Sea level rise is a critical issue for Florida residents to pay attention to. The magnitude of its impacts on the state seem overwhelming if considered all at once, however, with a proper understanding of the issue and the ability to proactively plan, there is a great deal we can do to mitigate worst-case scenarios. We recently ran a blog series on sea level rise, which presented lots of helpful information, so I want to take the opportunity to distill some of the key concepts into a quick guide to sea level rise in Florida.
Let’s start with a few facts to illustrate why it is so important to take this issue seriously:
- With just 9 inches of sea level rise, which is likely to happen by 2050, Southeast Florida could lose up to 70% of its gravity-powered stormwater drainage capacity. That means when it rains, communities will flood, even many miles away from the coast.
- It is estimated that inundation of real estate and infrastructure from sea level rise may have an impact of $3.5 trillion dollars in damages in Miami alone by 2070.
- According to estimates by city and county officials, with just 3 feet of sea level rise, 19 schools, 10 hospitals, 9 airports, 8 power plants, 2 ports, 8 water treatment plants, 4 landfills, and 6 emergency shelters would be inundated in just the four southeastern-most Florida counties.
- The issue of sea level rise has inspired artists to visually and dramatically illustrate what the impacts of rising seas will mean for coastal communities – particularly in vulnerable cities like Miami and New York City.
In addition to flooded real estate and other infrastructure, sea level rise poses risks of coastal erosion and loss of beaches, salinifying water wells used for drinking and irrigation, loss of property value, increased insurance premiums or inability to insure property, increased exposure to waterborne pathogens, and more.
Just how high sea levels will rise is tough to know exactly, but local experts in South Florida have analyzed this question, and concluded that Florida will likely experience:
- 3 – 7 inches by 2030
- 7 – 17.5 inches by 2050
- 9 – 24 inches by 2060
- 19.5 – 57 inches by 2100
Given that 77% of Florida’s population lives in coastal counties and 77% of the state’s economic activity is generated in coastal counties, these numbers are very concerning.
While the challenge ahead to confront sea level rise is great, Florida has excellent solutions available and some Florida communities are emerging as global leaders in preparing for sea level rise. Adaptive solutions that help alleviate negative impacts of sea level rise are being built into the fabric of local and regional planning by efforts such as those by the Southwest Florida Regional Planning Council, the Southeast Florida Regional Climate Change Compact, and the Regional Community Institute of Northeast Florida.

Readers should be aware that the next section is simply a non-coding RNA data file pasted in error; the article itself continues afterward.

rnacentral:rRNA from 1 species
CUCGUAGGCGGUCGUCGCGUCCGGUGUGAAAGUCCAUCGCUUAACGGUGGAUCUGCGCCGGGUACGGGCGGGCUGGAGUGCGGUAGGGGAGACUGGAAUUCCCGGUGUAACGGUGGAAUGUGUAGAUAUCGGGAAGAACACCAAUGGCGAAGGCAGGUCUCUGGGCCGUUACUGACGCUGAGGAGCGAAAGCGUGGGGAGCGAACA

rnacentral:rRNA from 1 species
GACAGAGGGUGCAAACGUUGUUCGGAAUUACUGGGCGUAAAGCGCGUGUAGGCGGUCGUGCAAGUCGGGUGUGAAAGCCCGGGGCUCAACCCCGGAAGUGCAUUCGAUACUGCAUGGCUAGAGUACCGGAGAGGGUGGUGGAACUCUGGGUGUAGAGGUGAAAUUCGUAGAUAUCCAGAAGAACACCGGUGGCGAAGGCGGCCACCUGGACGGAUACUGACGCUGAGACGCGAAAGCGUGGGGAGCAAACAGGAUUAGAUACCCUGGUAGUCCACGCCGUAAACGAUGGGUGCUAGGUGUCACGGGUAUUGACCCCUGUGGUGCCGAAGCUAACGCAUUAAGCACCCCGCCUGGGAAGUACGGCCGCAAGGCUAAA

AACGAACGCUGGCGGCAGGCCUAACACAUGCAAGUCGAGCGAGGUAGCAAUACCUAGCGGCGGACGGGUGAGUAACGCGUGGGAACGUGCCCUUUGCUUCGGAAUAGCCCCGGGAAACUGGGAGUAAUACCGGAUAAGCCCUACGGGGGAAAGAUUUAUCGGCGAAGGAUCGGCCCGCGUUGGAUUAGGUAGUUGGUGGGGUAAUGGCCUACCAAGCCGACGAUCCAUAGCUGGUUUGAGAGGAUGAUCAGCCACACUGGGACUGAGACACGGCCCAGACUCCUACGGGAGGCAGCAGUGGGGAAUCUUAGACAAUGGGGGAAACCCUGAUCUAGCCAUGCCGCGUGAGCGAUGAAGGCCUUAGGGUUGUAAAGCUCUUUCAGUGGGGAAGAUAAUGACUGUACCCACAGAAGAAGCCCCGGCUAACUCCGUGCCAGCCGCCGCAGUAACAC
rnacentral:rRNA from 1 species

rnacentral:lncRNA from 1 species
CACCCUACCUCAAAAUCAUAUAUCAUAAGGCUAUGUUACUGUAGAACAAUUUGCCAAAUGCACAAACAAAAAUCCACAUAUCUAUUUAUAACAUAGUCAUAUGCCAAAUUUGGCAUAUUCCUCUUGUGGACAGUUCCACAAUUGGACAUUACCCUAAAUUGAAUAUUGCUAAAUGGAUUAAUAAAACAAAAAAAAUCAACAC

These efforts must be supported in their implementation and replicated throughout the state. Mitigative solutions that help slow sea level rise at its source–which is globalwarming due to carbon pollution–are being deployed slowly but have immense upward potential. Most of our carbon emissions come from burning fossil fuel for energy, which means that effective mitigation means transitioning off of heavily polluting energy sources, such as coal, and using cleaner fuels such as solar and wind power. It only makes sense for the Sunshine State to generate more and more of its power from the sun.
2014 could be a big year for promoting Florida’s prosperity in the face of sea level rise. With the gubernatorial election ahead, we must push to ensure Florida’s next governor has a concrete plan to address sea level rise for the millions of Florida’s coastal citizens. In the upcoming year, we also have the ability to open the free market for clean energy solutions by eliminating burdensome taxes for solar power and encouraging energy democracy by lowering barriers for citizens to become renewable energy producers, rather than passive consumers.
Tags: adaptation, Charlie Crist, Climate Action, coast, democracy, flooding, Florida, gubernatorial election, mitigation, real estate, Regional Community Institute, Rick Scott, sea level rise, solar power, Southeast Florida Regional Climate Compact, Southwest Florida Regional Planning Council
No comments. Be the first.
Sorry, the comment form is closed at this time.